Estate of Smart v. SmartAnnotate this Case
Estate of Smart v. Smart
1983 OK CIV APP 49
676 P.2d 1379
Case Number: 59735
IN THE MATTER OF THE ESTATE OF HAROLD D. SMART, DECEASED, GERALD W. SMART, INDIVIDUALLY, AND AS THE EXECUTOR OF THE ESTATE OF HAROLD D. SMART, DECEASED, AND MRS. DANA LUPFER, APPELLANTS,
GWENDOLYN S. SMART, APPELLEE.
Appeal from the District Court of Jefferson County; P.C. Largent, Jr., Trial Judge.
¶0 Action by alleged common law wife of decedent to elect forced share under decedent's will. From trial court's order granting election based on finding of valid marriage, children of decedent appeal.
John R. Green, Michael P. Sullivan, Leach, Sullivan,
Green & Buxton, Duncan, for appellants.
Jonathan W. Burch, Burch & Burch, Victor C. Wood, Jr., Oklahoma City, for appellee.
BACON, Presiding Judge.
¶1 This appeal involves an ancillary probate proceeding in Jefferson County, Oklahoma, for a deceased California resident. The trial court ruled that decedent's common law wife could elect to take her forced heir share of decedent's Oklahoma property. Decedent's children appeal from that ruling.
¶2 The pertinent facts necessary to resolve this case are undisputed. The record shows that in 1950, decedent, Harold Smart, was married to Marie. On October 21, 1950, decedent, a resident of California, and appellee, Gwendolyn Smart, participated in a ceremonial marriage service in Yuma, Arizona. At that time decedent was still married to Marie. Decedent and Marie were divorced in California on September 29, 1952.
¶3 Decedent and appellee lived together in California from the time of their "ceremonial marriage" in Yuma, Arizona, until decedent died on March 12, 1981.
¶4 Decedent died testate and a resident of California. His will and two codicils were admitted to probate in California. The executor, decedent's son, filed the will and codicils for ancillary probate in Jefferson County, Oklahoma, where decedent owned real and personal property.
¶5 Under the terms of decedent's will and codicils appellee was not to inherit any interest in the Oklahoma property. She therefore filed her election to take against the will pursuant to 84 O.S. 1981 § 44 . The trial court found appellee was entitled to so elect and appellants now appeal.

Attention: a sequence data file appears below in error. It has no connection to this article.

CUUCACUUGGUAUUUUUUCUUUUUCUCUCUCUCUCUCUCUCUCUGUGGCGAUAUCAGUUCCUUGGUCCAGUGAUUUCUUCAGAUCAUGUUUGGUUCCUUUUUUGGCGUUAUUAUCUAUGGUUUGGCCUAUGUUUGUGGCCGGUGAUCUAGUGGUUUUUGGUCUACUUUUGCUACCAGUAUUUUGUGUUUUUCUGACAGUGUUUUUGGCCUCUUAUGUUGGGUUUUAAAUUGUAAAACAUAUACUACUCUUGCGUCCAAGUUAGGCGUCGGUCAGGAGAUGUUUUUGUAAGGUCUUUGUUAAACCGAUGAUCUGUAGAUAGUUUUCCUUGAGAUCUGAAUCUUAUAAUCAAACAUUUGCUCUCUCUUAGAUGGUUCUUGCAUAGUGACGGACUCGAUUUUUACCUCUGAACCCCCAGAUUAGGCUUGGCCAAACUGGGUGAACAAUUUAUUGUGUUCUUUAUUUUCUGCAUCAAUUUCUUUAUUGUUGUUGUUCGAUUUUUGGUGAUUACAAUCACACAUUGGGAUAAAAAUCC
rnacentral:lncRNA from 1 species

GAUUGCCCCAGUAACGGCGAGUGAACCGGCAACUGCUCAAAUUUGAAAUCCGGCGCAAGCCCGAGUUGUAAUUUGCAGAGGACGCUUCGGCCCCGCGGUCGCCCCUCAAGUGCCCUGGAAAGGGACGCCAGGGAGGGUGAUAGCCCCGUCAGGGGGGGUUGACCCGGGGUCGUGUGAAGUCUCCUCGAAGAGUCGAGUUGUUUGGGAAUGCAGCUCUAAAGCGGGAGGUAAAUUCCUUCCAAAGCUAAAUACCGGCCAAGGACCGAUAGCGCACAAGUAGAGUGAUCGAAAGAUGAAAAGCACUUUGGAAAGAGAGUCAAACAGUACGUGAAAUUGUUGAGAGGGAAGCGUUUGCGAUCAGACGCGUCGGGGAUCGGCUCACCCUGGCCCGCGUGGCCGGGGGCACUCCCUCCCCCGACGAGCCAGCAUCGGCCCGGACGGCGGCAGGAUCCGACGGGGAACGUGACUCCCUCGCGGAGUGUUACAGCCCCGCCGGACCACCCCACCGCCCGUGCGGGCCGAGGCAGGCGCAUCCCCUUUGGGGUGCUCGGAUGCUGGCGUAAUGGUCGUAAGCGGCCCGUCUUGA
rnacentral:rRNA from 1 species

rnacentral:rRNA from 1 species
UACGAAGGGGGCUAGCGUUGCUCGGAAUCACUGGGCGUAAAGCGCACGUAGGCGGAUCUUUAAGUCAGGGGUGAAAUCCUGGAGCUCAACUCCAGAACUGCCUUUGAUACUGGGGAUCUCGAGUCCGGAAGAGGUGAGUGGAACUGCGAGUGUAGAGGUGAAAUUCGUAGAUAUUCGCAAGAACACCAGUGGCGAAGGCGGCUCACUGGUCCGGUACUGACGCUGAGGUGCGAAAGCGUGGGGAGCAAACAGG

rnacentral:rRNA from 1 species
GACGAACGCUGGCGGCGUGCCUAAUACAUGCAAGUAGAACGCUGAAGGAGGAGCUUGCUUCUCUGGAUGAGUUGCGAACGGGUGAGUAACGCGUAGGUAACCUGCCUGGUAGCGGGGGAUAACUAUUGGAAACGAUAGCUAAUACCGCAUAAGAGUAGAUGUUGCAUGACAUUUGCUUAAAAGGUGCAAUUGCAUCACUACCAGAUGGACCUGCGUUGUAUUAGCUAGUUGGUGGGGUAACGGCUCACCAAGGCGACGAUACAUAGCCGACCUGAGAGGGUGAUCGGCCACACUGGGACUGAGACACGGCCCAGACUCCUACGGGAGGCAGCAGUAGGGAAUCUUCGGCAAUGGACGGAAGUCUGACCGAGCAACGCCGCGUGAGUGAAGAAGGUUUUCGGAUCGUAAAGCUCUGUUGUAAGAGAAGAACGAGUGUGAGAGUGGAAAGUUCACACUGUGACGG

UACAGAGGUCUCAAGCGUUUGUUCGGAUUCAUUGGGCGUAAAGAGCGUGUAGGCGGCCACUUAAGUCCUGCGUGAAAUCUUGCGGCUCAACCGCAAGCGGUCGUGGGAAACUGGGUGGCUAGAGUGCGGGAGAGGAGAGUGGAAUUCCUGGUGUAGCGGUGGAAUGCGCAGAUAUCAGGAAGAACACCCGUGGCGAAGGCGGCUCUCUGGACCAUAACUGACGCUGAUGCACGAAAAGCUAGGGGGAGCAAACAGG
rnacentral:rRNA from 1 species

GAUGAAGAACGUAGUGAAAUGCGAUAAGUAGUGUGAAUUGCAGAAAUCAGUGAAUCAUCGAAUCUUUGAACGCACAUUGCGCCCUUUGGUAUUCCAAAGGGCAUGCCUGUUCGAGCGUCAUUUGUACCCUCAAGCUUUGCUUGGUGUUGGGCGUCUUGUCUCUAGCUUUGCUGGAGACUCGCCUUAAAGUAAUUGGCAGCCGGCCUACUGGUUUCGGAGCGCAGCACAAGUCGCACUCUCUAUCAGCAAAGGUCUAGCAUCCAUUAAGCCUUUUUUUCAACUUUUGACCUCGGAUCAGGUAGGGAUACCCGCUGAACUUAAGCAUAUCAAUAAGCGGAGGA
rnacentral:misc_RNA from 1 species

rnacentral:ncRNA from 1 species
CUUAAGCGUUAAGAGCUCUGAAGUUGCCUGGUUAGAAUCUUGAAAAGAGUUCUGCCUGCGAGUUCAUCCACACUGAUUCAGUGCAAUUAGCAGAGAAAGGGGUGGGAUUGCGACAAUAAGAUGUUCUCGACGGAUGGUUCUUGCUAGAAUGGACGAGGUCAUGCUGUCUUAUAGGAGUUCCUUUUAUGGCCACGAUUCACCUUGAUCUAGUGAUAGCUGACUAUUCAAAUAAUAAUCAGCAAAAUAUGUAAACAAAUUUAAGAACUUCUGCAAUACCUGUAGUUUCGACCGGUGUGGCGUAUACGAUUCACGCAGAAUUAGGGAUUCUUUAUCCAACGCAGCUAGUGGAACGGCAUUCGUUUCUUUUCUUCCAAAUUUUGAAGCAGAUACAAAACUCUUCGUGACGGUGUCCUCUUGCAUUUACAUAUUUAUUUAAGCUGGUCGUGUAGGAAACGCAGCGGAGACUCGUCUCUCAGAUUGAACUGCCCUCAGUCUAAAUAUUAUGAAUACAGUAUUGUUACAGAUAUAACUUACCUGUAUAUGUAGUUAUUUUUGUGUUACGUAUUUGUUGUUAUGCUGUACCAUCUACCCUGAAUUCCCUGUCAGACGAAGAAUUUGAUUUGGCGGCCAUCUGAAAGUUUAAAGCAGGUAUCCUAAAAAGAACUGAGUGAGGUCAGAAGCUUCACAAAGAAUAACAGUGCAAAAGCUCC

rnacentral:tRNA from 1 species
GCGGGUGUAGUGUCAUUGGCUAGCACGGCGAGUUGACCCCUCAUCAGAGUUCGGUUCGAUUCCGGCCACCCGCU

¶6 Appellants argue that the trial court erred in finding appellee was the wife and surviving spouse of decedent and was therefore entitled to take against the will. We agree with the trial court and affirm.
¶7 The basis for appellants' argument is that decedent and appellee were, at all times they lived together, residents and domiciliaries of the State of California and that California does not recognize common law marriages. The simple answer to this assertion is that California does not recognize common law marriage created within its own boundaries. However, California does recognize marriages validly created elsewhere, including common law marriages of California domiciliaries. Tatum v. Tatum, 241 F.2d 401 (9th Cir. 1957) (citing Estate of McKanna, 106 Cal. App. 2d 126, 234 P.2d 673 (1951)).
¶8 Therefore, if decedent and appellee entered into a common law marriage after decedent's divorce from Marie in 1952, appellee would be considered decedent's wife and surviving spouse.
¶9 The next logical step is to determine whether decedent and appellee created a common law marriage outside the boundaries of the State of California. We find they did establish a common law marriage while in Oklahoma.
¶10 The record in the present case contains an abundance of evidence that decedent and appellee considered themselves married to each other. For example, in his will decedent refers to appellee as his wife. They lived together as man and wife for 20 years and during that time held themselves out as such.
¶11 In Gilmore, Gardner & Kirk Oil Co. v. Harvel, 208 Okl. 664, 258 P.2d 632 (1953), the supreme court said in its syllabus:
"A common-law marriage may exist in this state, and when parties capable of entering into the marriage relation agree to be and become husband and wife, and in pursuance of such agreement enter into and thereafter maintain the marriage relation, a common-law marriage exists."
¶12 It is not required that the parties to a common law marriage created in Oklahoma be residents or domiciliaries of Oklahoma, nor do they have to cohabit or maintain the common law marriage relationship for any magical length of time to make it valid.
¶13 In the present case decedent and appellee, for a period of 16 years, traveled to Oklahoma two to three times a year. They would stay two to five weeks at a time in Jefferson County, Oklahoma, where decedent's real property was located, holding themselves out as man and wife, not only to their family, but to the whole world. Under these circumstances we conclude that the trial court correctly held appellee was the wife and surviving spouse of decedent and was therefore entitled to elect to take against the will and codicils.
¶15 BOYDSTON and MEANS, JJ., concur.